Also, Heather and I are happy to attend discussions with faculty and participate in faculty development activities! Let me know if you are interested. I’m happy to answer any questions about the book!
I wrote this essay originally in December of 2019; though I’ve edited it to some extent, I’ve also left in the 2019-ness of it. That said, in many ways, my points about fascism and queerness are truer today in 2022 than they were two years ago. We are watching in real time as terfs collide and join with the alt-right, the fascist ideologies of these groups apparently being sufficient to unite folks traditionally divided by an idea of feminism. Jojo Rabbit, then, is art that transcends its time and lends us opportunities for radical hope. Anyway, here you go.
Oh, and here there be spoilers! I utterly reveal the plot of this movie.
Taika Waititi’s (2019) film Jojo Rabbit is a film about what it’s like to live under fascism and Nazis, set in World War II Germany; of course, in 2019 a film about Nazi Germany is also, of course, a film about fascism and Nazis in the United States. I had read about all of this setting and about Waititi’s portrayal of Hitler before seeing the movie, so none of this was news to me. What I found unexpectedly joyous about the film is this: it’s so fucking queer.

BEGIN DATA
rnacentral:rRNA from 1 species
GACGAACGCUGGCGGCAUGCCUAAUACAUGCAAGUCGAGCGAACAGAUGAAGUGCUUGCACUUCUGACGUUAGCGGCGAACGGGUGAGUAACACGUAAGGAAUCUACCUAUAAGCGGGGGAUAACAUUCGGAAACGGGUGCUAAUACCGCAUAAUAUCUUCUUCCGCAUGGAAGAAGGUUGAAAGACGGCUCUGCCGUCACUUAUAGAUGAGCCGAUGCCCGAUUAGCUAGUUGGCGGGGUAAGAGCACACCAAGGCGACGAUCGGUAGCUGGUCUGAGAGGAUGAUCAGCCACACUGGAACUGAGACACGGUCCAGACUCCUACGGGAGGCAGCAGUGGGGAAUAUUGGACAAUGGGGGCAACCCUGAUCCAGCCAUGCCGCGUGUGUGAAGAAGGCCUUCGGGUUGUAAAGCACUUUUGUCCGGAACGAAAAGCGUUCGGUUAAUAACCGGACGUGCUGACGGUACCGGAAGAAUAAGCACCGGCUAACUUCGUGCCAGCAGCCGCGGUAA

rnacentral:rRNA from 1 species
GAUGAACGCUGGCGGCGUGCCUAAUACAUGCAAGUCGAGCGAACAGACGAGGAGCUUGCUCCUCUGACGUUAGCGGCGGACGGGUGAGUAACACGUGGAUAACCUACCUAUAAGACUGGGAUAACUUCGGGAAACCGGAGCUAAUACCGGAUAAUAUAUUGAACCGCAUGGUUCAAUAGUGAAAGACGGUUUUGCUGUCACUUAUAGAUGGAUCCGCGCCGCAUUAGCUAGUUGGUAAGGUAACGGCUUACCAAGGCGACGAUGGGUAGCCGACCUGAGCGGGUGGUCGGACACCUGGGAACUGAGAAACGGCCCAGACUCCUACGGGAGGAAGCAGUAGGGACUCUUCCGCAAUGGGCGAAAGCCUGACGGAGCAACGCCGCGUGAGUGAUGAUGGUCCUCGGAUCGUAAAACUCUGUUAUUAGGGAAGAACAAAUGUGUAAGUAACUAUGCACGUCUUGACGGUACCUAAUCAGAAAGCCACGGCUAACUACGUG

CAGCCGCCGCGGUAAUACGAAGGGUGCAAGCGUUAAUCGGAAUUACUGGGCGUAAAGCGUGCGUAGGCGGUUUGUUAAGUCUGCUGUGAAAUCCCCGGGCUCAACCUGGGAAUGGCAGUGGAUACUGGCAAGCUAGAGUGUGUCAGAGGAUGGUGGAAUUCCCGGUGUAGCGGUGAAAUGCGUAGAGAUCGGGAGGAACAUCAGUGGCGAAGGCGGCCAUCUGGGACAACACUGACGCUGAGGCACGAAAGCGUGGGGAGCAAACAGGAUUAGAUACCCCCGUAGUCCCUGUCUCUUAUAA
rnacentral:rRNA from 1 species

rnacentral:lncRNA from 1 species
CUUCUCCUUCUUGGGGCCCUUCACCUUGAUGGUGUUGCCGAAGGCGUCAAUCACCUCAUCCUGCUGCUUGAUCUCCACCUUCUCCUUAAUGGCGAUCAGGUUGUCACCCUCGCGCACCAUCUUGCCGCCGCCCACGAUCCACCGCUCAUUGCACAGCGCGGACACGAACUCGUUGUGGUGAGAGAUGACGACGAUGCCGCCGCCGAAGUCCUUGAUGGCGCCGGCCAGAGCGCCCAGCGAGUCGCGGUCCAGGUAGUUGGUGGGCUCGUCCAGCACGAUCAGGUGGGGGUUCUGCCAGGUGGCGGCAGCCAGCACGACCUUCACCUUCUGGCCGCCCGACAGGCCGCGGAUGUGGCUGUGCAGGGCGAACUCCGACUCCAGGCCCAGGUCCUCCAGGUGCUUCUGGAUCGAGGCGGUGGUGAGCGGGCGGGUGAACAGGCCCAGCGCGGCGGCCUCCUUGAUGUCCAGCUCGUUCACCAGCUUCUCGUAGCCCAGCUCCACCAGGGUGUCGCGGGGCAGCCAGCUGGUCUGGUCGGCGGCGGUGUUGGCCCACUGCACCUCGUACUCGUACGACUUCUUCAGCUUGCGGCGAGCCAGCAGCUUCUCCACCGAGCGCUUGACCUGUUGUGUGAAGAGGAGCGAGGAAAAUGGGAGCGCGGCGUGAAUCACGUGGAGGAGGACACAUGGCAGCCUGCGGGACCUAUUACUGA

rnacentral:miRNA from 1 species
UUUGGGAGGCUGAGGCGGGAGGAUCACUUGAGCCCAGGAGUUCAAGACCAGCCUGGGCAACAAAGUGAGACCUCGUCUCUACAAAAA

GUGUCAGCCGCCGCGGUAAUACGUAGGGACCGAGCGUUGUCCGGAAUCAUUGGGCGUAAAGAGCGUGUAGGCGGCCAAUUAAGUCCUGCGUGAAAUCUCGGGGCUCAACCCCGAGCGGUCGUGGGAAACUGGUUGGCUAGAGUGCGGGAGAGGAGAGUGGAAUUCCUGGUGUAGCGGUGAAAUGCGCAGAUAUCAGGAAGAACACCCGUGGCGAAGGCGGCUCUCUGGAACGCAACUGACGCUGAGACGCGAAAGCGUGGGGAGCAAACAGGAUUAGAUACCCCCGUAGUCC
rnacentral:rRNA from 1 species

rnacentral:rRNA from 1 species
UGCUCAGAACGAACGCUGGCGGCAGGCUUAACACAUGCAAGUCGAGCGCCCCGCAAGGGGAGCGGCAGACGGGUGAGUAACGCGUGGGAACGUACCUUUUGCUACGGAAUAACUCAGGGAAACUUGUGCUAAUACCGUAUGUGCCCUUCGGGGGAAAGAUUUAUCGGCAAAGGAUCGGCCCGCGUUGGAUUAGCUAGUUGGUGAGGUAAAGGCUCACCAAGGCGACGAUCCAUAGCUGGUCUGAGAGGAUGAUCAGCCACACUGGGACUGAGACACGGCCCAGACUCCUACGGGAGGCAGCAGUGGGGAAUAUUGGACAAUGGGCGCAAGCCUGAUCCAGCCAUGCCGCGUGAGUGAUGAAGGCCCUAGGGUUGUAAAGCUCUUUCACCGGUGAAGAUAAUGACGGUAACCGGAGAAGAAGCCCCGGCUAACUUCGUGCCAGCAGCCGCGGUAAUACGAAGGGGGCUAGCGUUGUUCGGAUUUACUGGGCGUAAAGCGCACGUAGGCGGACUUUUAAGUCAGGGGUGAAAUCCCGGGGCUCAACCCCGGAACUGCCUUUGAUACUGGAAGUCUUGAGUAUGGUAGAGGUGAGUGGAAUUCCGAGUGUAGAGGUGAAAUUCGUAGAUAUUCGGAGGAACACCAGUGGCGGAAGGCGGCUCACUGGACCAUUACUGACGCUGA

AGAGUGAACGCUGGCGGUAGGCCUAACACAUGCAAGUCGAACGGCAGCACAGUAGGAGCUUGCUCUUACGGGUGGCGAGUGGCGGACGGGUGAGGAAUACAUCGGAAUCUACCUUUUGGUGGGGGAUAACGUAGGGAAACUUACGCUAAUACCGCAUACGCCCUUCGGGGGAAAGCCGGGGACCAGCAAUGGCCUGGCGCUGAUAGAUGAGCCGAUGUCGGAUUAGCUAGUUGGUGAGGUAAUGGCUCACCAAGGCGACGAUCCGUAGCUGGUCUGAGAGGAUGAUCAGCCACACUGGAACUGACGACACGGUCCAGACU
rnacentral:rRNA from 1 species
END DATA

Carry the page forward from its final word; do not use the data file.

By queer I do not mean the way in which the movie offers LBGTQ+ representation; Captain Klenzendorf (portrayed by Sam Rockwell) and his second-in-command Finkel (played by Alfie Allen) are queer, and it’s great, but representation doesn’t make a text queer. Case in point: the long-running TV series Will and Grace. The titular Will and uber-gay Jack are main characters on the show and often get credit for normalizing gay men in the United States, but the show isn’t queer in the Judith Butler, queer theory sense. Queerness, by this understanding, is about exploring liminal spaces and challenging dichotomies. So we can understand Will and Grace as an important text in LBGTQ+ representation and still notice the ways in which gay and straight and male and female are represented as polar opposites.